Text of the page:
Telehealth Growth Shows No Signs of Slowing Down

Whether it’s video conferencing from 1,000 miles away or wearable fitness trackers, telehealth technologies have been a burgeoning health care solution in the last few years, and they will continue to be a driver in improving outcomes in the years to come, a recent survey suggests.

A spike in remote monitoring since 2013 and greater adoption of health care wearables to capture population health data are two top telehealth trends in 2015, according to Healthcare Intelligence Network’s latest HINntelligence Report: Telehealth & Telemedicine in 2015.

The range of telehealth and telemedicine services has grown in the two years since HIN last conducted a telehealth survey. The majority of organizations had telehealth programs in place in both 2013 and 2015, but of those that do not, 64% now say they would launch a service in the next 12 months, versus 24% in 2013. 

“Many organizations successfully oversee patients with diabetes, congestive heart failure and other chronic conditions via remote monitoring, engaging these individuals in self-care while warding off avoidable hospital visits,” said Melanie Matthews, HIN executive vice president and chief operating officer, in a written statement. 

In terms of the types of telehealth technologies seeing the most usage, videoconferencing remained a leading technology in both 2013 and 2015, cited by 59% and 48% of the survey’s total 116 respondents, respectively.

Meanwhile, using telehealth to treat patients with chronic conditions such as congestive heart failure (53% in 2013 vs. 57% in 2015) and diabetes (50% in 2013 vs. 58% in 2015) continued to be the top concerns targeted by telehealth groups in both HIN surveys.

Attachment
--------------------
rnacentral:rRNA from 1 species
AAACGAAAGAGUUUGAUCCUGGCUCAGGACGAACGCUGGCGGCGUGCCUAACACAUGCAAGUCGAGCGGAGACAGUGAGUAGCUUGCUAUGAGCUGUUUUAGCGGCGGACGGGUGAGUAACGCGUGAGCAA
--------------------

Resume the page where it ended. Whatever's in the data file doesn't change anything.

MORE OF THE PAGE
Of all clinical applications for telehealth, remote monitoring jumped from 57% to 63% in the two years HIN conducted its survey.

Even less clinical telehealth technologies came into the fold, with about 26% of respondents using wearable devices such as fitness trackers, smart clothing, pedometers and smart watches.

But even with the increased usage of telehealth over the past two years, there remains uncertainty as to when implementing these technologies begins to pay off. In that vein, 50% of respondents said it is too soon to tell what their return on investment is from telehealth programs.  

Despite ROI uncertainties, nearly 60% of respondents said they are reimbursed for telehealth from private payors. Nearly three-fourths of survey respondents (74%) even said they expect Medicare to add remote patient monitoring to its list of covered telehealth services in the next 12 months.

“As the payor outlook for telehealth grows more favorable, organizations wishing to invest in wearables, remote monitoring, blood pressure cuffs and other telehealth technologies can profit from peers’ experiences and feedback presented in this resource,” said Matthews. 

HIN administered its 2015 Telehealth & Telemedicine survey in March 2015, inviting respondents to take the survey via email, e-newsletter and social networking reminders throughout the month.

Of the total 116 respondents, only 63 identified their organization type, which broke down as 16% being hospitals, 11% were physician organizations, employers and health plans; 6% were home health care and 5% were disease management. Respondents who categorized their organization as “other” accounted for 33%. 

Written by Jason Oliva